trustestatelogoa.jpg (8498 bytes)


Lectures &

News $ Views

Law &



Trust Products
& Practice

About the Guru


Email Feedback

Guest Register









TINgling among the trustees

(Article published in the July 1, 2002 issue of TODAY, Business Section)

Tingling sensation in the spinal area is what trustees are feeling nowadays. Reason? The Bureau of Internal Revenue recently required the trust department of banks to register and get a tax identification number (TIN) for the irrevocable trusts (or their equivalent) under their management or administration. By itself, the requirement seems innocuous enough and easy to comply with. Nevertheless, this new initiative from Rene Baņez sends the clear signal that, at long last, the tax authorities are in a mood to seriously scrutinize the way trust departments interpret and comply with the tax responsibilities of their trust clients.

The legal basis for requiring the TIN for irrevocable trusts is clear and unequivocal: Section 236 (A) of the Tax Code requires all persons subject to tax to each get a TIN. Some trusts, such as irrevocable trusts, are considered as taxable "persons," even if the Civil Code does not give a trust a legal personality of its own. Therefore, those trusts must be registered and be given a TIN. Compliance is not too difficult. All the trust departments have to do is supply the relevant information and the revenue authorities having jurisdiction over them will forthwith give out the TIN.

what.gif (625 bytes)

A lot actually. First of all, notice how the requirement was worded? Irrevocable trusts and their "equivalents." These "equivalents" include a number of things, among them, (a) estates of deceased persons which the trust department manage under court order as administrator, executor, or administrator c.t.a. (cum testato anexo); (b) estates of minors of which the trust departments are court-appointed guardians; (c) reversionary trusts, or those which for a period of time are like irrevocable trusts, but revert to the trustor after a stated time, known in the United States as the Clifford Trust; (d) accumulation trust where the income is kept for future distribution tot he beneficiary; and (e) discretionary trusts where the trustee is given discretion to decide whether to distribute income in the year that the income is earned or accumulated it for distribution to the beneficiary of a later time. At the very least, the new requirement ferrets out heretofore hidden taxpayers.

Second, a TIN for each trust will force compliance with the standard duties of earmarking trust property (in order to make them identifiable and separable from the property of the general business of the trustee as well as from the property of other trusts) and maintaining separate books of account and making detailed financial statements for each trust. To cope with the resulting paperwork and manage the information flow, the trust departments which have not yet done so would have no choice but to computerize.

Third, the practice of some banks commingling funds of various trust accounts and investing them in a single transaction (such as jumbo loan given to a corporate client), without benefit of a formal common trust fund (which requires Bangko Sentral approval) will become, to say the least, unwieldy. For example, when the corporate borrower pays interest, who will it record as the payee? Up to recently, the practice was to record a payment to the bank (without or without indication of its capacity as trustee). But under the new requirements, the corporate borrower would have to name and, presumably indicate the tax identification number, of each trust lender. Otherwise, the corporate borrower would not be able to document its interest payment and lose the benefit of deductibility.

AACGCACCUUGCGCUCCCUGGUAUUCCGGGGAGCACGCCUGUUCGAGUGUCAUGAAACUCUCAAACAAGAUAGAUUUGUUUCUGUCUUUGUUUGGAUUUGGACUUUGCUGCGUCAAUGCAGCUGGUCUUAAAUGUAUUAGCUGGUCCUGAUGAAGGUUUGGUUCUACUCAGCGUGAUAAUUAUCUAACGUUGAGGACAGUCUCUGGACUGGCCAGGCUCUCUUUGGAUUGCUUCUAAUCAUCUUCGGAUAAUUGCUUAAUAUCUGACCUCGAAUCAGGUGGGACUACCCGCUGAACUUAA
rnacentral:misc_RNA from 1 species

Fourth, the ticklish issue of the taxation of common trust funds will have to be faced sooner or later. Early American cases, which were decided when the law in the United States was similar to the law that we have now, took the view that a common trust fund sought to be taxed like a corporation, i.e. an entity taxable as a person separate from the tax liability of its stockholders. If that were to be followed, then there would be, to the delight of the mutual fund industry, the same two-tier taxation of trusts invested in a common trust fund, one tax on the fund itself and another on the share of each of the participating trusts.

That view, of course, is erroneous. In my view, the proper way to look at a common trust fund is to consider it in the same manner that we tax co-ownerships. It is simply an investment vehicle and should be considered a "flow-through" entity. The tax should be only on the participating trusts. But then, it is not I but my former student who is commissioner of Internal Revenue. Former students, as Aristotle did with Plato, have been known to disagree with their mentors and the huge shortfall in internal revenue tax collections just might provide the incentive for Baņez to take a position contrary to mine.

But not everything is dour, for the trust industry, however. If the TIN requirement is just the proverbial tip of the iceberg, the iceberg being the serious attempt to rationalize the taxation of trusts, then it could lead to the issuance of clarificatory regulations on certain "gray" areas. A nasty issue, for instance, is when income from a trust is subject to the final tax of 20 percent (income from the trust in the regular books) or 7.5 percent (from the FCDU books) and when such income is treated as part gross income.

For now, the trust departments would have to wait and see. Better still, they should as an industry be proactive, and, like the Tax Management Association of the Philippines, meet with the commissioner, show that they are prepared to assist him to collect the right amount of tax from their clients, and make their position known aggressively and emphatically. He will listen, I know that.